Segregated school for Latinos could become NPS historic site

By Rob Hotakainen | 12/09/2021 04:00 PM EST

Blackwell School

The Blackwell School in Marfa, Texas, was the only public school for Mexican and Mexican American children in the city from 1909 to 1965. Gretel Enck and Bonnie Wilson/Texas State Historic Preservation Office/National Park Service

A small school in Marfa, Texas, that once served as the only public education institution for the city’s Latino students is well on its way to becoming part of the National Park Service.

The Blackwell School, which served Mexican and Mexican American children from 1909 to 1965, would become a national historic site under a bill that won overwhelming approval from the House last night.

The House voted 417 to 8 to pass H.R. 4706, the bipartisan "Blackwell School National Historic Site Act," sponsored by Reps. Tony Gonzales (R) and Filemon Vela (D), both of Texas.

A companion bill in the Senate, S. 2490, sponsored by Republican John Cornyn of Texas and Democrat Alex Padilla of California passed the Senate Energy and Natural Resources Committee last month.

Gretel Enck, president of the Blackwell School Alliance, said former students of the school have been working for years to preserve the site and its stories.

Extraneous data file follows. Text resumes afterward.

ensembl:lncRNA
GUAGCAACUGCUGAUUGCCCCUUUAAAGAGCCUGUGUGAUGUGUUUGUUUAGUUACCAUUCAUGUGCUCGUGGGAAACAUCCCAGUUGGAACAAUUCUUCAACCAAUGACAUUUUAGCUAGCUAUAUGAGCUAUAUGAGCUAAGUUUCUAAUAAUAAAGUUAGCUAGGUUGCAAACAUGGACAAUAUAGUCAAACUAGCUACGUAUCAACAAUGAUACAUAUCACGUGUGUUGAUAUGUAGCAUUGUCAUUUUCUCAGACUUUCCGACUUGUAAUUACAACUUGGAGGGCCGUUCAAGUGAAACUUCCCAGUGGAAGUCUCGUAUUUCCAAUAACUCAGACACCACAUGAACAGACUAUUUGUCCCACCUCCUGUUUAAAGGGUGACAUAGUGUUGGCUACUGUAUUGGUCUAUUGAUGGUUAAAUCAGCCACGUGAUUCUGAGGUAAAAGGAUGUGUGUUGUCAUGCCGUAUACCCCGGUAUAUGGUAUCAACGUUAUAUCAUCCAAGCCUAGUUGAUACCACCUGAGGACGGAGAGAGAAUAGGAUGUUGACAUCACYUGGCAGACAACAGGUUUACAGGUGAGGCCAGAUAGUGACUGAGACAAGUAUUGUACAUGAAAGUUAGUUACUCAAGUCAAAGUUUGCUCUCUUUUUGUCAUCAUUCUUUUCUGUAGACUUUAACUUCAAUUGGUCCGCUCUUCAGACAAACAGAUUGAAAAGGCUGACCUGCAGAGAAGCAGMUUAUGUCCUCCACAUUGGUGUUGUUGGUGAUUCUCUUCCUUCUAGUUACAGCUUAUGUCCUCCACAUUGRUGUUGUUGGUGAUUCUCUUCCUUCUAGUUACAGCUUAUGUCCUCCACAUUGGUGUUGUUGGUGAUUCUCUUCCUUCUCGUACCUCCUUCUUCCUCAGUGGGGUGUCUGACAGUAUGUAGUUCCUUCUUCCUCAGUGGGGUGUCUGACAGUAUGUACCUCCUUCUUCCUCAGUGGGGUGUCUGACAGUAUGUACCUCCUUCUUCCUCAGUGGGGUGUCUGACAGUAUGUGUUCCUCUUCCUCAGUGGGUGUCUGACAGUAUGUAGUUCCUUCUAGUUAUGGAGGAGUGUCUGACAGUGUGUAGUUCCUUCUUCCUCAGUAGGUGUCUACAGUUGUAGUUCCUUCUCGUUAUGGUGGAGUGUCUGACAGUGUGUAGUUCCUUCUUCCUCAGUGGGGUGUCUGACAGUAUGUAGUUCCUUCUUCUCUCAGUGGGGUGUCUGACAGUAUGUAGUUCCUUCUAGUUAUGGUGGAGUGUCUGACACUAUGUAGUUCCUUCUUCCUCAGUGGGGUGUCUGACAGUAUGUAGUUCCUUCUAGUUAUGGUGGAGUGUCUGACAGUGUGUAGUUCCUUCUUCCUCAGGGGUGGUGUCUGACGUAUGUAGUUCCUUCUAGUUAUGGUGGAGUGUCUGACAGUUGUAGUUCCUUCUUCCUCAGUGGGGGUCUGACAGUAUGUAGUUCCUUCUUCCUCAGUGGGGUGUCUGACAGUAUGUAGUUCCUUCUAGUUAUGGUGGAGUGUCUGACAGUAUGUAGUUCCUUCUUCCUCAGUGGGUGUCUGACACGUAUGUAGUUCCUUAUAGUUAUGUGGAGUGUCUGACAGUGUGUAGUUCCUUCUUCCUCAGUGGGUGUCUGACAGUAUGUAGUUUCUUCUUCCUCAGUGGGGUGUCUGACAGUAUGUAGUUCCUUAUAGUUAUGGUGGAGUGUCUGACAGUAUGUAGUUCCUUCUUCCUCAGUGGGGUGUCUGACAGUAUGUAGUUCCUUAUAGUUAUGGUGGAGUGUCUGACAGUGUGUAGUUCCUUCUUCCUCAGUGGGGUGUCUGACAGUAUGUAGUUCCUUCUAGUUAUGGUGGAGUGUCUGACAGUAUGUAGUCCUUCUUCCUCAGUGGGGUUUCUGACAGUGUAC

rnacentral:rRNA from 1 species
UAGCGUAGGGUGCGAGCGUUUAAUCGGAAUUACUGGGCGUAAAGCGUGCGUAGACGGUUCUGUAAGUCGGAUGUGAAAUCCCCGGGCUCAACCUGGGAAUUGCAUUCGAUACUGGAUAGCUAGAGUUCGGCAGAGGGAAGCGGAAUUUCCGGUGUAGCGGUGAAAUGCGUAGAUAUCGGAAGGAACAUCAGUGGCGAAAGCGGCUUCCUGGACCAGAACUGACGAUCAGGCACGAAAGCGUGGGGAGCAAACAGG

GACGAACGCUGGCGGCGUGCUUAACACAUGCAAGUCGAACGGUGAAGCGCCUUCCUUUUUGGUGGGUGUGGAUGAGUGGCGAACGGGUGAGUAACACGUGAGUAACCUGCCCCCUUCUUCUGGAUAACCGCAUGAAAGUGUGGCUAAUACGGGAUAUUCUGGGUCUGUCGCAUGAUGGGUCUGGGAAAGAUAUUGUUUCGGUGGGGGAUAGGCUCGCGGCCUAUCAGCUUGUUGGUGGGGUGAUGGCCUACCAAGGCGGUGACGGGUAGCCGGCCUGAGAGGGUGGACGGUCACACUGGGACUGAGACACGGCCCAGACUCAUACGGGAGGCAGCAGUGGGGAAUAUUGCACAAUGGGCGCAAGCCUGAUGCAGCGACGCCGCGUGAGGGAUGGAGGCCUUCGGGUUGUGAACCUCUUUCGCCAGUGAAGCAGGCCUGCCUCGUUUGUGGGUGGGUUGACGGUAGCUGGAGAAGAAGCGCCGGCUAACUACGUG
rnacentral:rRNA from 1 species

“The National Park Service is one of America’s greatest storytellers, so we know the Blackwell will be in good hands once this bill becomes law. … We are hopeful that the Senate takes up the torch for Blackwell next,” Enck said.

The school was added to the National Register of Historic Places in 2019, but park advocates said the site deserves a higher status.

“As our country continues to grapple with urgent, endemic issues of race, identity and institutional discrimination, we need to act now to protect places like the Blackwell School so the important stories of our past can be told now and for generations,” said Theresa Pierno, president and CEO for the National Parks Conservation Association.

According to NPS, the local school district constructed the two-room adobe brick building on South Abbot Street for Latino students in 1909, even though there was no state law that mandated separate schools.

On its website, NPS said Texas school districts “perpetuated the practice of de facto segregation through the mid-twentieth century.”

The Blackwell School, named after its longtime principal Jesse Blackwell, eventually added more buildings and closed in 1965 following the integration of the Marfa Independent School District.